Americans regularly march to demonstrate their support for all sorts of causes, some conservative and some progressive. Our right to do so is not something to take for granted. Many of the civil rights that apply to all citizens today result from a decades-long struggle for Black civil rights that continues even now. We highlight here just one example: Shuttlesworth v. Birmingham (1969).
Some community governments obstructed the Black civil rights movement by requiring permits to march (allegedly to ensure public safety on the sidewalks and roads). In 1963, a Black minister and civil rights leader named Reverend Fred Shuttlesworth wanted to lead a small civil rights march in Birmingham, Alabama. He applied for a permit, but a government official told him that neither he nor any other civil rights organizers would be granted a permit under any circumstances. He marched anyway. He was arrested and sentenced to 90 days imprisonment at hard labor plus 48 more days at hard labor. He fought back through the courts, and ultimately his case went to the Supreme Court. The Court reversed the Reverend’s conviction. It ruled that the Birmingham law was applied in a discriminatory manner meant to repress freedom of speech. Since then, permits may be required, but they cannot be used to discriminate against anyone a government finds objectionable.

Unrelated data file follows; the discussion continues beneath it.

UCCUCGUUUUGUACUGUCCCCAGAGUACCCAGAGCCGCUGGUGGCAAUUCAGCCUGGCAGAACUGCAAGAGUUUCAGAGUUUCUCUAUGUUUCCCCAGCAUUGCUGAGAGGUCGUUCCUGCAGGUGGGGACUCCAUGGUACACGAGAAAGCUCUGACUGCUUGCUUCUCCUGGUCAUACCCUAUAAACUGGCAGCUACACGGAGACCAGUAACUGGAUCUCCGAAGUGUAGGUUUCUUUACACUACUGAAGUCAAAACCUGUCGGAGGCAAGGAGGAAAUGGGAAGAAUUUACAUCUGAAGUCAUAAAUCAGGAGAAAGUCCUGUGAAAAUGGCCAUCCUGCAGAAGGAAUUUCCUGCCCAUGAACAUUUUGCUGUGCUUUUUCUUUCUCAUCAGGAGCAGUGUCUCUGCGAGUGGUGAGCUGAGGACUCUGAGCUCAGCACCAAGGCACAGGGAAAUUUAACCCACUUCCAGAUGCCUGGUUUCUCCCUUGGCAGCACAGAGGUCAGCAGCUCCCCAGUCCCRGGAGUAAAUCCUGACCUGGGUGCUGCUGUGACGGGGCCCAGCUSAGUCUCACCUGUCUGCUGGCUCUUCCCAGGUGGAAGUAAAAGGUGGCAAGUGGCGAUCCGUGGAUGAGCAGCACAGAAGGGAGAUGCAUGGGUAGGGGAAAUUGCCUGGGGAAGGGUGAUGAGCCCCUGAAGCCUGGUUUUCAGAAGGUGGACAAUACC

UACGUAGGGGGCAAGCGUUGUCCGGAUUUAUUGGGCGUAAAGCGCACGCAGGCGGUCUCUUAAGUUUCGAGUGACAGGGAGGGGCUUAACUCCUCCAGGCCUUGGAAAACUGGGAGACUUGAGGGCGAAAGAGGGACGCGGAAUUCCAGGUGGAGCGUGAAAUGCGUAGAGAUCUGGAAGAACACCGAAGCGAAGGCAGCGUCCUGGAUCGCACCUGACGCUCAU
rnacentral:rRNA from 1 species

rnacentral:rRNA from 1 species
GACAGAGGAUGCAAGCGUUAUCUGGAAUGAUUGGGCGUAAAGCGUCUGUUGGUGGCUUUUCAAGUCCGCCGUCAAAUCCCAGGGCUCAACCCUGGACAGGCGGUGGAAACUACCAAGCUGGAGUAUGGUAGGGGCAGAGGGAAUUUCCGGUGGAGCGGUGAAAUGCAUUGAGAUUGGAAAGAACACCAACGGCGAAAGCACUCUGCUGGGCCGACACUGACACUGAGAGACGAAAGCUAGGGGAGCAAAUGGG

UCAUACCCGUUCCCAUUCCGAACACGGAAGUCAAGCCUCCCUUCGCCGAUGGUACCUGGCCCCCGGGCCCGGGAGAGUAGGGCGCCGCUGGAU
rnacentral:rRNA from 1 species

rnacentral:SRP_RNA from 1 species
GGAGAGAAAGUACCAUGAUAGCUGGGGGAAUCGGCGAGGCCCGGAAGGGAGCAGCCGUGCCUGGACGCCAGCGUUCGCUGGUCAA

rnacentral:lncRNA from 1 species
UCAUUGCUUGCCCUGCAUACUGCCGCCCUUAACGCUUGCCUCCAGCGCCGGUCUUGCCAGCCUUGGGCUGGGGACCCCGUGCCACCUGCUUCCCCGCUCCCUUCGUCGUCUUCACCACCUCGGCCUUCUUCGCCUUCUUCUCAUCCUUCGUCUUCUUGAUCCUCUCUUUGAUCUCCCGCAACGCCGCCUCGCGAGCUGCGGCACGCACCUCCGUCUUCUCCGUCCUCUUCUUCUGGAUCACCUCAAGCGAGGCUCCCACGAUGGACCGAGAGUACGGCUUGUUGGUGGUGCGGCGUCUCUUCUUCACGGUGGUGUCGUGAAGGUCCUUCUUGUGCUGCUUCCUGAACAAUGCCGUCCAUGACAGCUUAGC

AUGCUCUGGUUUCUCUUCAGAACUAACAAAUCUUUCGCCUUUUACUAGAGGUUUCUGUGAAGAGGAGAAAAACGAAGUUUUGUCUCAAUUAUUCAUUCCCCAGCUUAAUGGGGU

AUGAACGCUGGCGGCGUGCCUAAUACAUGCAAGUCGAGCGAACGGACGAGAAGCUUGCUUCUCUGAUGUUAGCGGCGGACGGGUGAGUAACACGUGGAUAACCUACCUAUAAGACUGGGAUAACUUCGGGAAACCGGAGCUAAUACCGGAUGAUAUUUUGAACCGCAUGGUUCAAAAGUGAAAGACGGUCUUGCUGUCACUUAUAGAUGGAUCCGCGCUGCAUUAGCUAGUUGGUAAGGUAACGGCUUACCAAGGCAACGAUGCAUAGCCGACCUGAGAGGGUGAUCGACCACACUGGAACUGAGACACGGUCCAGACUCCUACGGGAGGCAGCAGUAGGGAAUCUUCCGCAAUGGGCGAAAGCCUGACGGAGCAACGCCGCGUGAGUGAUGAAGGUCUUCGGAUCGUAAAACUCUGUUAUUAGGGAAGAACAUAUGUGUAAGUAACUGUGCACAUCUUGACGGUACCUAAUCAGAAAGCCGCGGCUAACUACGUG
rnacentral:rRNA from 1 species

Shuttlesworth v Birmingham (1969) case is central to your right to march and demonstrate. Unfortunately, there have been several erosions since then. You can read about some of those here.
Want to know more? Check out these links:
- Remembering Reverend Shuttlesworth
- Shuttlesworth v. City of Birmingham (1969)
Image: Rev. Fred Shuttlesworth, Kingkongphoto and http://www.celebrity-photos.com.